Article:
ANALIA SABAN: BLAFFER ART MUSEUM, UNIVERSITY OF HOUSTON
What constitutes a painting, a sculpture, a drawing or a photograph? What are the material, conceptual, and social conditions of its existence? And how do they affect a work’s physical, psychological, and political impact? What is the furthest an idea or object can be pushed, stretched, stressed, or tested before losing its direction and character altogether—or simply becoming something else? Such questions are at the core of the work of Argentinian artist Analia Saban, who assumes a forensic attitude towards media and their traditions and conventions.Surveying art history as if it was a “murder scene,” she plumbs the histories of painting, drawing, sculpture, and photography to challenge their limits and capacities by making the constituent parts of each medium the very subject matter of her inquiry. Saban is also committed to showing how every medium is material of this world. Gender, labor, and social context haunt her abstractions, exposing the ideological repercussions of what it means to go deep into the aesthetic properties and possibilities of any medium.
Taking The Painting Ball (48 Abstract, 42 Landscapes, 23 Still Lives, 11 Portraits, 2 Religious, 1 Nude) as a point of departure, this exhibition is Saban’s first solo museum survey to consider the artist’s expansive scope of work developed over the past ten years. A sphere made of colored strips of fabric torn from a plethora of unraveled paintings, The Painting Ball performs the undoing of painting in its traditional form to mark a tabula rasa moment that inscribes Saban’s project firmly into the canonical narrative of painting’s many deaths and resurrections.
Stripe Hand Towel, Bag with Canvas, and Fitted Bed Sheet, all 2011, chart her experiments with acrylic paint cast into viscerally affecting simulations of common household objects such as towels, sheets and plastic bags attached to or containing a canvas. In her 2010-12 Decant and the more recent Bulge series (begun 2014), encaustic paint forms swelling bodies that proudly display the pour marks of their creation. Concerns with liquidity and domesticity also mark her work with kitchen and bathroom countertops demarcating sinks or tubs. Directly attached to an otherwise blank canvas, their innate patterns and utilitarian forms unapologetically identified in titles such as Bathroom Sink (2012) or Bathtub (2013), replace paint to delineate abstract compositions inscribed in the realm of home renovation, cooking residues and bodily fluids.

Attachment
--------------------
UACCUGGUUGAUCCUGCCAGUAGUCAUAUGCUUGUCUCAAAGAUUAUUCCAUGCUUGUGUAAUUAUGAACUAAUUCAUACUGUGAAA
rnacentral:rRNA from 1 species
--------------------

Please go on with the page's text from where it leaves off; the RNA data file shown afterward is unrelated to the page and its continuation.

In her Draped Marble series (begun in 2014), marble is broken, glued and fastened to exquisitely crafted wooden sawhorses to evoke folded towels left out to dry. Recalling Saban’s earlier works in cast acrylic, these sculptures displace classic associations of material and application within art history and consumer culture. Saban’s series Claimhumorously embodies art’s domestic aspect—in particular that of painting—in tableaux that are equal part furniture and art. And in her most recent series, Marking, the artist transposes material traces lifted from household objects or photographs onto canvas to create hybrid diptychs that present their constituent parts as both material source and pictorial consequence.
Whether it is subjecting paints and inks to sculptural processes such as casting and assemblage or using marble, concrete, porcelain or photographs for painterly purposes, Saban insists on a speculative condition for her work within the context of media-determinacy.
Analia Saban is organized by Claudia Schmuckli, Curator-in-Charge, Contemporary Art and Programming at the Fine Arts Museums of San Francisco, CA, and former Director and Chief Curator at Blaffer Art Museum, University of Houston.